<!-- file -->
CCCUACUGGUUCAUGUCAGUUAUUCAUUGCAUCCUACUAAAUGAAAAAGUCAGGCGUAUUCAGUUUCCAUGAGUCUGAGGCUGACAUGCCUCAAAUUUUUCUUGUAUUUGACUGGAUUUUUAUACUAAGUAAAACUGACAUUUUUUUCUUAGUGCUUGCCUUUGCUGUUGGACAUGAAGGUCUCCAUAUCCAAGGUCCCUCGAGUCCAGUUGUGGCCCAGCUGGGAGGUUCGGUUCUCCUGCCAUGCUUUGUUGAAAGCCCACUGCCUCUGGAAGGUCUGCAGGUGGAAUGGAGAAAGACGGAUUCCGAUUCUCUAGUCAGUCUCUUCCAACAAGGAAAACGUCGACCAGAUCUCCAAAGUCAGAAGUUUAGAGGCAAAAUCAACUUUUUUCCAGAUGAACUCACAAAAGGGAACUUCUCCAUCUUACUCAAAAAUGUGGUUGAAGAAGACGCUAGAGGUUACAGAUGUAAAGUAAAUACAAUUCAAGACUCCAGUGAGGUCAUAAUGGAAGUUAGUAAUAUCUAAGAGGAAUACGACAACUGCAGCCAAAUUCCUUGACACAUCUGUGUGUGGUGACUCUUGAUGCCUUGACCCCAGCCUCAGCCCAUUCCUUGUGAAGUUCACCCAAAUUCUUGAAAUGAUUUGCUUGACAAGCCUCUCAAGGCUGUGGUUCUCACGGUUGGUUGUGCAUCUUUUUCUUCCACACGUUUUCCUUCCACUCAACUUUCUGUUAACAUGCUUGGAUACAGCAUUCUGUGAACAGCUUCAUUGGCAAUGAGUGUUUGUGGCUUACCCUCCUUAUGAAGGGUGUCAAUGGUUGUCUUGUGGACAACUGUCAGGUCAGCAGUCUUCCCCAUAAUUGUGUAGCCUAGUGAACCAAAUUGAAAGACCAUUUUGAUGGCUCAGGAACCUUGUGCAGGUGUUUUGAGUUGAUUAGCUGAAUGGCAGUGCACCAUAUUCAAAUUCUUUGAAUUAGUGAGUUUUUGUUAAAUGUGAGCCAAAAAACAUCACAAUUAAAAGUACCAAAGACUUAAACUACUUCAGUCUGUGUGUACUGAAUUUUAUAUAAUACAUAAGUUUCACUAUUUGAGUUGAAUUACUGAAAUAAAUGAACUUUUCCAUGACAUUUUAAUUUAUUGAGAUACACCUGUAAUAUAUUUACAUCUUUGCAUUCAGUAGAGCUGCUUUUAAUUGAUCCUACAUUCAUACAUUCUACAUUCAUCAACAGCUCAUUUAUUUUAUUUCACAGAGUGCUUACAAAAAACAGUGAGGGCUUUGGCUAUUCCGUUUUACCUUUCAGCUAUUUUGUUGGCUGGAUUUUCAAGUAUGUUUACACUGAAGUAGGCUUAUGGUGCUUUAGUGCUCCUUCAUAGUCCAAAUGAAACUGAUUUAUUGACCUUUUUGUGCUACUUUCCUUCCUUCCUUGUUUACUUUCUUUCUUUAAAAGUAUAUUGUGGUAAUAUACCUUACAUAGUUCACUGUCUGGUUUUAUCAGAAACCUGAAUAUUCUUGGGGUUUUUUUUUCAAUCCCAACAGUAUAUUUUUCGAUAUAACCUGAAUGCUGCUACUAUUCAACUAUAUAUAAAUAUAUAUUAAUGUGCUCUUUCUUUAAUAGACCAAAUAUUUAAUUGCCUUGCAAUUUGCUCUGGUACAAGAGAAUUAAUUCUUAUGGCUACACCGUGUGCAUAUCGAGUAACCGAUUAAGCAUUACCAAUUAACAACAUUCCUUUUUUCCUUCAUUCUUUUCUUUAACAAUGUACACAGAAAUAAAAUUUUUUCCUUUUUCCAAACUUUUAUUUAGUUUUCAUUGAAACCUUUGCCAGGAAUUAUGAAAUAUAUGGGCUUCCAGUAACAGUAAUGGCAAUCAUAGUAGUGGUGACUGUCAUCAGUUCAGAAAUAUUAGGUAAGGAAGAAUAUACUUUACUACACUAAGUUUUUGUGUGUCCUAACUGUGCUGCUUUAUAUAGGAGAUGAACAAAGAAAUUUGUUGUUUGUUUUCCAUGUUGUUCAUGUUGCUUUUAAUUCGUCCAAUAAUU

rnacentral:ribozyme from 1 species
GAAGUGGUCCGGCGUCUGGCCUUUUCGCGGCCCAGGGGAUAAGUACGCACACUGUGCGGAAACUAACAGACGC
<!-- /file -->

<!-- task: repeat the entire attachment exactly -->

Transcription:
CCCUACUGGUUCAUGUCAGUUAUUCAUUGCAUCCUACUAAAUGAAAAAGUCAGGCGUAUUCAGUUUCCAUGAGUCUGAGGCUGACAUGCCUCAAAUUUUUCUUGUAUUUGACUGGAUUUUUAUACUAAGUAAAACUGACAUUUUUUUCUUAGUGCUUGCCUUUGCUGUUGGACAUGAAGGUCUCCAUAUCCAAGGUCCCUCGAGUCCAGUUGUGGCCCAGCUGGGAGGUUCGGUUCUCCUGCCAUGCUUUGUUGAAAGCCCACUGCCUCUGGAAGGUCUGCAGGUGGAAUGGAGAAAGACGGAUUCCGAUUCUCUAGUCAGUCUCUUCCAACAAGGAAAACGUCGACCAGAUCUCCAAAGUCAGAAGUUUAGAGGCAAAAUCAACUUUUUUCCAGAUGAACUCACAAAAGGGAACUUCUCCAUCUUACUCAAAAAUGUGGUUGAAGAAGACGCUAGAGGUUACAGAUGUAAAGUAAAUACAAUUCAAGACUCCAGUGAGGUCAUAAUGGAAGUUAGUAAUAUCUAAGAGGAAUACGACAACUGCAGCCAAAUUCCUUGACACAUCUGUGUGUGGUGACUCUUGAUGCCUUGACCCCAGCCUCAGCCCAUUCCUUGUGAAGUUCACCCAAAUUCUUGAAAUGAUUUGCUUGACAAGCCUCUCAAGGCUGUGGUUCUCACGGUUGGUUGUGCAUCUUUUUCUUCCACACGUUUUCCUUCCACUCAACUUUCUGUUAACAUGCUUGGAUACAGCAUUCUGUGAACAGCUUCAUUGGCAAUGAGUGUUUGUGGCUUACCCUCCUUAUGAAGGGUGUCAAUGGUUGUCUUGUGGACAACUGUCAGGUCAGCAGUCUUCCCCAUAAUUGUGUAGCCUAGUGAACCAAAUUGAAAGACCAUUUUGAUGGCUCAGGAACCUUGUGCAGGUGUUUUGAGUUGAUUAGCUGAAUGGCAGUGCACCAUAUUCAAAUUCUUUGAAUUAGUGAGUUUUUGUUAAAUGUGAGCCAAAAAACAUCACAAUUAAAAGUACCAAAGACUUAAACUACUUCAGUCUGUGUGUACUGAAUUUUAUAUAAUACAUAAGUUUCACUAUUUGAGUUGAAUUACUGAAAUAAAUGAACUUUUCCAUGACAUUUUAAUUUAUUGAGAUACACCUGUAAUAUAUUUACAUCUUUGCAUUCAGUAGAGCUGCUUUUAAUUGAUCCUACAUUCAUACAUUCUACAUUCAUCAACAGCUCAUUUAUUUUAUUUCACAGAGUGCUUACAAAAAACAGUGAGGGCUUUGGCUAUUCCGUUUUACCUUUCAGCUAUUUUGUUGGCUGGAUUUUCAAGUAUGUUUACACUGAAGUAGGCUUAUGGUGCUUUAGUGCUCCUUCAUAGUCCAAAUGAAACUGAUUUAUUGACCUUUUUGUGCUACUUUCCUUCCUUCCUUGUUUACUUUCUUUCUUUAAAAGUAUAUUGUGGUAAUAUACCUUACAUAGUUCACUGUCUGGUUUUAUCAGAAACCUGAAUAUUCUUGGGGUUUUUUUUUCAAUCCCAACAGUAUAUUUUUCGAUAUAACCUGAAUGCUGCUACUAUUCAACUAUAUAUAAAUAUAUAUUAAUGUGCUCUUUCUUUAAUAGACCAAAUAUUUAAUUGCCUUGCAAUUUGCUCUGGUACAAGAGAAUUAAUUCUUAUGGCUACACCGUGUGCAUAUCGAGUAACCGAUUAAGCAUUACCAAUUAACAACAUUCCUUUUUUCCUUCAUUCUUUUCUUUAACAAUGUACACAGAAAUAAAAUUUUUUCCUUUUUCCAAACUUUUAUUUAGUUUUCAUUGAAACCUUUGCCAGGAAUUAUGAAAUAUAUGGGCUUCCAGUAACAGUAAUGGCAAUCAUAGUAGUGGUGACUGUCAUCAGUUCAGAAAUAUUAGGUAAGGAAGAAUAUACUUUACUACACUAAGUUUUUGUGUGUCCUAACUGUGCUGCUUUAUAUAGGAGAUGAACAAAGAAAUUUGUUGUUUGUUUUCCAUGUUGUUCAUGUUGCUUUUAAUUCGUCCAAUAAUU

rnacentral:ribozyme from 1 species
GAAGUGGUCCGGCGUCUGGCCUUUUCGCGGCCCAGGGGAUAAGUACGCACACUGUGCGGAAACUAACAGACGC